As excited as she was to be there, sadly, only a half hour after we got there and situated Audrey ended up getting the stomach flu, and yes, it was as AWFUL as it sounds. She ended up throwing up all over herself, me and the reptile building floor. Thank God, my sister was there – seriously, I don’t know what I would have done without her. There I was 2 hours away from home, with a sick baby and two kids whose only desire in the world at that moment was to see the animals. IMG_3804We spent 4 hours total at the zoo, it was truly a beautiful day – a perfect day (weather wise). The older kids had a good time, excluding the fact that mom’s nerves were frayed and to say I was “uptight” would be a little bit of an understatement. IMG_3800Treyton’s biggest disappointment was that he had really wanted to go to the Sea Lion show, but after Audrey got sick, all I could manage was  getting the kids to see as many animals as we could and sitting with Audrey was just not an option.          IMG_3770

At the end of the day, we decided to take the train ride. This was a highlight for the older kids. IMG_3810 



IMG_3820Poor Audrey not only missed most of the zoo but I felt helpless as I watched her deteriorate more and more as the day went on. By the time she got home she was beyond lethargic and her fever was at 102.5 she could barely move – after not keeping anything down ALL day, she hadn’t cried even once – I mean I barely even got a moan out of her. Gratefully she was over it by morning…. and so far no one else has gotten it. IMG_3822And check it out ---- big mama got a new t-shirt through the whole deal!  IMG_3769

Week 6: The Patriarchs From Ur to Egypt


Our primary reading was in the Bible this week – I took a patriarch per day (Abraham on Monday, Isaac on Tuesday, Jacob on Thursday, Joseph and His Brothers on Friday) and we read about them. After we would read about them I had a craft for Alexa to complete and I would have Treyton either complete a lapbook piece or complete a draw and caption page.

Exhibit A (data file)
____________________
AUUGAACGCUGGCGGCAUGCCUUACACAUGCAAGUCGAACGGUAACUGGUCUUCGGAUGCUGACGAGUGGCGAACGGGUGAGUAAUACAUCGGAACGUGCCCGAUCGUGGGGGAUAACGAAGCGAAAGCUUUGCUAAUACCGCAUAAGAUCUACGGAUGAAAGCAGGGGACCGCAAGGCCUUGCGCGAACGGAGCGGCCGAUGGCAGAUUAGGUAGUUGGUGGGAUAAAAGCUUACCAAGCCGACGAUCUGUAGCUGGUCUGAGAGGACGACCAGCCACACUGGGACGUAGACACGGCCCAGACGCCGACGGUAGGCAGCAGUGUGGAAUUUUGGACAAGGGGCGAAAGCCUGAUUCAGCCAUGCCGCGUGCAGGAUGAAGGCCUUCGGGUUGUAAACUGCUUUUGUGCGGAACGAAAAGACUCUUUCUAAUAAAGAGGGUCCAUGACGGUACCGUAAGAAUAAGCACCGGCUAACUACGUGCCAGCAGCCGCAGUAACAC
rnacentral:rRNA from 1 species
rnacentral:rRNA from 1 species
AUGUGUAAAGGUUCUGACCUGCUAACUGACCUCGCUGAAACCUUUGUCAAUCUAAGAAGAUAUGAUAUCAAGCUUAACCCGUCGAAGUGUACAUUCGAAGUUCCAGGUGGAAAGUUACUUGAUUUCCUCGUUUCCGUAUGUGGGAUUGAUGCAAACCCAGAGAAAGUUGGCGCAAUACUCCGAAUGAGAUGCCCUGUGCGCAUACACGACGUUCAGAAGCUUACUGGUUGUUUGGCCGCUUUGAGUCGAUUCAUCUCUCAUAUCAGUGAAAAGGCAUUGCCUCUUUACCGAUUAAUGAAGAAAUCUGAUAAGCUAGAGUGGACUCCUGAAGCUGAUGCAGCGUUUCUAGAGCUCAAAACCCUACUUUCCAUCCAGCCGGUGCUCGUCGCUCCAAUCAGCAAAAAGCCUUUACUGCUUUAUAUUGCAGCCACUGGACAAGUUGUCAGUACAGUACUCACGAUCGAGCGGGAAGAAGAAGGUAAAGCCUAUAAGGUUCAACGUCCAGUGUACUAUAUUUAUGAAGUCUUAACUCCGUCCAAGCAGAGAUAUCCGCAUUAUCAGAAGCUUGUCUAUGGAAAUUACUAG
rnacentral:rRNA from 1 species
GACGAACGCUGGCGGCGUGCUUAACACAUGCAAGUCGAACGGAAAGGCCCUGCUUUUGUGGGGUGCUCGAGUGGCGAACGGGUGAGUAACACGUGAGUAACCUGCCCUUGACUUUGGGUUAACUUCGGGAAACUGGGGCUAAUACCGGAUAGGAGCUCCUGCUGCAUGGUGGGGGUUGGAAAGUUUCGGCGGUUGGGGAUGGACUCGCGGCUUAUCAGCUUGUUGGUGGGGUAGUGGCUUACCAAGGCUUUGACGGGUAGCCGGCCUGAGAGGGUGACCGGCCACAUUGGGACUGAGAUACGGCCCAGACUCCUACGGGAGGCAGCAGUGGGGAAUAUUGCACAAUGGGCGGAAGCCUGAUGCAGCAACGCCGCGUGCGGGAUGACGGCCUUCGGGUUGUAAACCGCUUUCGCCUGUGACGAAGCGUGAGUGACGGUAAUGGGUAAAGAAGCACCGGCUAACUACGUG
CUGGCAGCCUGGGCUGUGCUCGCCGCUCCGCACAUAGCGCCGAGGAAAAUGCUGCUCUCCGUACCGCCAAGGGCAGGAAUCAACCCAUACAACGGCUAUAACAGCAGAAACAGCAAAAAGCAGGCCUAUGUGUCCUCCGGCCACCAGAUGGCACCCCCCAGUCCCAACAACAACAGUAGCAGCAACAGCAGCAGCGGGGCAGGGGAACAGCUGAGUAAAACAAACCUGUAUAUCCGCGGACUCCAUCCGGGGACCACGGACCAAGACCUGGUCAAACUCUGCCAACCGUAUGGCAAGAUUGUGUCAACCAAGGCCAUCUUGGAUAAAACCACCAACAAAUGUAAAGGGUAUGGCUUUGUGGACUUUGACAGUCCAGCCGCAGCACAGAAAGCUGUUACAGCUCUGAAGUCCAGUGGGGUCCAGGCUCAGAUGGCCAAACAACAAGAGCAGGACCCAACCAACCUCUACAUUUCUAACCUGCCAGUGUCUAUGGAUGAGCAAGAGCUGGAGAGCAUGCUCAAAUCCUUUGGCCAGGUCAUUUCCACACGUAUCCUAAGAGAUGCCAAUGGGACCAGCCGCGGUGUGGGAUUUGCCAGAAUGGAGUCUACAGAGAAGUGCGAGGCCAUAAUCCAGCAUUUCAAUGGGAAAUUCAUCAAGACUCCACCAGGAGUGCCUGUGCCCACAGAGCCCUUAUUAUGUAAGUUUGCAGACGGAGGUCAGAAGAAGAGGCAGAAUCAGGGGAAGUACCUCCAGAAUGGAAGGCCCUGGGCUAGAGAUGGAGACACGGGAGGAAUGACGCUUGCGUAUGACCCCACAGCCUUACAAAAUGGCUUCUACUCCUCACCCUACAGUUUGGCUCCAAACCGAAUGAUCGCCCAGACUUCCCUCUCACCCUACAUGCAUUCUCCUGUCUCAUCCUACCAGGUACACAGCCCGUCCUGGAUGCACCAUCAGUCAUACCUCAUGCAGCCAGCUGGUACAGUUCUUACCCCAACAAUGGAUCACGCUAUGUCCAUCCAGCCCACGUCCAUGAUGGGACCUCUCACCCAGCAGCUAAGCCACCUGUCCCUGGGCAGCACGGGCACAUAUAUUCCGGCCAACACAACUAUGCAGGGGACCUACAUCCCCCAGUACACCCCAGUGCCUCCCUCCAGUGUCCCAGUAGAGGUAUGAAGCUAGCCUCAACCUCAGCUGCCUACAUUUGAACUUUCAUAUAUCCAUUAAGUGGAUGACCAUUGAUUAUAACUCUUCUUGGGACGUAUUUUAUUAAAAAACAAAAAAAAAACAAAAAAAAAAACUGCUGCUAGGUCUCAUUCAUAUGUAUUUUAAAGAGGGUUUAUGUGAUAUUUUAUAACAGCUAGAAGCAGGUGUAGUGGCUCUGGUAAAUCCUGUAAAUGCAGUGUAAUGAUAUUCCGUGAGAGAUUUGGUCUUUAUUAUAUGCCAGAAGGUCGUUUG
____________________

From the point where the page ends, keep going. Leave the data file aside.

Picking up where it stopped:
Abraham & Isaac 

IMG_3740 Abraham and Isaac Wheel

IMG_3741 Jacob

IMG_3829  Jacob’s Ladder DLTK Collage


After studying Joseph we made thumbprint family trees (one of the patriarchs and one for our family).  

IMG_3831 Thumbprint Family Tree Printable



Language Arts:  IMG_3757As we’ve continued to add words to our word-bank I decided to add color-coded cards to the word bank to help Treyton and I review.

This week we learned about sentences. “A sentence is a group of words that expresses a complete thought” we have also started working on the four different types of sentences – covering the declarative/statement sentence this week.


After finally putting together our sentence board, Treyton worked on putting even more sentences together this week using his word box. We talked about the different types of words that he used and that ever sentence has to have a subject and a predicate to be a complete sentence.

I quizzed him by making a few fragments and actual sentences – he didn’t get a single one wrong.


This week we did not row a book to go along with our science. We worked on finishing up our animal studies – we learned about Mammals (which was more like review for the kids) and then we moved into reviewing what we learned about all the invertebrates and vertebrates.

Animal Classification